Materials being developed for the next generation of electric car batteries could be toxic to important soil microorganisms, according to an analysis by researchers at the universities of Wisconsin and Minnesota.
The researchers constructed nanoparticles of lithium nickel manganese cobalt oxide, or NMC for short. These compounds are considered promising candidates for use in rechargeable lithium-ion batteries such as those found in computers, cell phones, and electric cars. The mixed-metal compounds are more stable and cheaper than current versions containing only cobalt.
However, when NMC nanoparticles are exposed to water, as they would be in a landfill, they break down and release heavy metal ions that are detrimental to soil bacteria, the researchers report in the journal Chemistry of Materials.
The researchers studied a bacterium known as Shewanella oneidensis, a common model organism used in environmental studies. S. oneidensis is involved in cycling metals through the environment, and its cousins are widely distributed in soils and sediments throughout the world.
The researchers exposed S. oneidensis to a stew made with 5 milligrams of NMC nanoparticles to 1 liter of water. This dramatically slows the growth of the bacteria, the researchers found.
At concentrations at or above 15 milligrams NMC per liter, the toxicity from the metals appears to be fatal to the bacteria, and their numbers gradually decrease.
To confirm the mechanism at work, the researchers also exposed S. oneidensis to dissolved nickel, cobalt, manganese, or lithium ions. Nickel and cobalt each decreased bacterial growth. In fact, bacteria exposed to both nickel and cobalt simultaneously showed alterations almost identical to those seen with exposure to the NMC nanoparticles.
Microbes need cobalt and nickel in trace amounts, and have mechanisms to bring these metals into their cells. But too much is harmful. Heavy metals are well known to inhibit the growth of many kinds of bacteria, although the effects of complex metal oxides haven’t been studied before.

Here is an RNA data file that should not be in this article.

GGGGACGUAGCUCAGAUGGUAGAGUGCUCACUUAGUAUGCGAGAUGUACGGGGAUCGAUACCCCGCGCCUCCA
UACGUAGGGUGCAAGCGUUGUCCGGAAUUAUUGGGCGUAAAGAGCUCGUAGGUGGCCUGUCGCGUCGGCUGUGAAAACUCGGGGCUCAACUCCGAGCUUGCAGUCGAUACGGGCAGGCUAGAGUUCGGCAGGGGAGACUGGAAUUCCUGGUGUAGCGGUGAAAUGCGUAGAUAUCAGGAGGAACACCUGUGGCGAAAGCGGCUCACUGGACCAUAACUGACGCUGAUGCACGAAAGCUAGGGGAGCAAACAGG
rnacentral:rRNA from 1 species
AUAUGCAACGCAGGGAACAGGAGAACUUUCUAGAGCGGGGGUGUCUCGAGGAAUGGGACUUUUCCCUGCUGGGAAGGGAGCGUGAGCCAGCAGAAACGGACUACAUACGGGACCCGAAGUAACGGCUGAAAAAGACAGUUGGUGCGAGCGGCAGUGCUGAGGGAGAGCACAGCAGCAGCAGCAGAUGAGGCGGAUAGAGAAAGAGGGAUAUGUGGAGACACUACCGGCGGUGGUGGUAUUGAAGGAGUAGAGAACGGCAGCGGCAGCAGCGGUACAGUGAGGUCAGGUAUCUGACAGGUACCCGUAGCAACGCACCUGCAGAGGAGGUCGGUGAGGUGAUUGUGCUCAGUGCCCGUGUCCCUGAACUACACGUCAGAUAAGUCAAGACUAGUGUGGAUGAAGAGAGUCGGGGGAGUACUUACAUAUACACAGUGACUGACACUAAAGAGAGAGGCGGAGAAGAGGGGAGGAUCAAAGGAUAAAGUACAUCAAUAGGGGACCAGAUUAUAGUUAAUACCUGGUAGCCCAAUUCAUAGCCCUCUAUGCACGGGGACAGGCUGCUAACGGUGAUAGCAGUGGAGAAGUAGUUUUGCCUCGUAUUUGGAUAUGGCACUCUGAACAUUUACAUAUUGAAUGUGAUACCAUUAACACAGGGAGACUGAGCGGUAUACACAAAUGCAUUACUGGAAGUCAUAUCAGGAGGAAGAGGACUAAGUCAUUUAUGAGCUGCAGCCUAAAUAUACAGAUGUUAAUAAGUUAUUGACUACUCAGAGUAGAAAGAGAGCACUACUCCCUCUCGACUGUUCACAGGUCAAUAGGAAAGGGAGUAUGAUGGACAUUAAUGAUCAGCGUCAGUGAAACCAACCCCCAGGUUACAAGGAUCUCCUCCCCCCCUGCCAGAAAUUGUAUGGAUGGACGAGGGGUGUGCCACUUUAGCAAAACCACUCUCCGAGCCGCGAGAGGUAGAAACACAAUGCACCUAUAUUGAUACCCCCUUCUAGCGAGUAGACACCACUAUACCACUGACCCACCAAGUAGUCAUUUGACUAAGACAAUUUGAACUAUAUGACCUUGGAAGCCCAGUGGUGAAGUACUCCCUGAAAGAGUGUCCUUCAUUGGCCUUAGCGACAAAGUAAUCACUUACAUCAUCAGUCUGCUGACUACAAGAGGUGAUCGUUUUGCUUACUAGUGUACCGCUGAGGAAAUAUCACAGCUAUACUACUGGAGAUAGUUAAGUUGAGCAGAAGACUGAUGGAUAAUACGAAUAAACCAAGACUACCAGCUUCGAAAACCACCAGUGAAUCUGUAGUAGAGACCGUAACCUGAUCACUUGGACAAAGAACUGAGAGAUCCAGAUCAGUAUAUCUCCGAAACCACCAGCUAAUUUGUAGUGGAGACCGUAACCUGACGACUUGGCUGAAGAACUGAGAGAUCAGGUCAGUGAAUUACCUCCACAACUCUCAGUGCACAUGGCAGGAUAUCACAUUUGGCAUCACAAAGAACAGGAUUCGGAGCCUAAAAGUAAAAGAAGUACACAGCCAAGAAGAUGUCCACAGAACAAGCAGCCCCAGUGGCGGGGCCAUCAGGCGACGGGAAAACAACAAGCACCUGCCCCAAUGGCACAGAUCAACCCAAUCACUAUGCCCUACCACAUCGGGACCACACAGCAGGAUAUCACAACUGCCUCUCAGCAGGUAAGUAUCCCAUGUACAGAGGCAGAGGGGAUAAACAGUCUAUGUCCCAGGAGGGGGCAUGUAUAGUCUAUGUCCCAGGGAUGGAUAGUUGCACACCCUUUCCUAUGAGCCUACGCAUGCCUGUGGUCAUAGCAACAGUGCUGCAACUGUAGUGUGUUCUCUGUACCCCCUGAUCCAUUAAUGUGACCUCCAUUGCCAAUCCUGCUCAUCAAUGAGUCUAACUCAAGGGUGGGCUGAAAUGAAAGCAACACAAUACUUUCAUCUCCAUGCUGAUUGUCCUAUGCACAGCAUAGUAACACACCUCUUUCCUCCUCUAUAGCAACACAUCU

On one hand, even though NMC nanoparticles appear to be toxic to soil bacteria, if electric car batteries are largely disposed of in landfills then bacteria may not be affected over broad areas.
On the other hand, electric cars contain awfully big batteries – a single electric car is likely to contain over 38 kilograms (83 pounds) of NMC nanoparticles. So this isn’t an insignificant source of potential environmental contamination.
One way to solve the problem might be to prevent or slow the breakdown of the NMC nanoparticles, for example by developing surface coatings for electric car batteries, the researchers say.
Even better would be keeping the batteries out of landfills altogether. Right now there aren’t many opportunities to recycle this type of battery like there are for traditional car batteries, but developing such programs could help.
Either way, the new findings are a reminder that sustainable technologies often come with their own environmental costs, and finding ways to address those costs is actually a key part of developing sustainable technologies in the first place.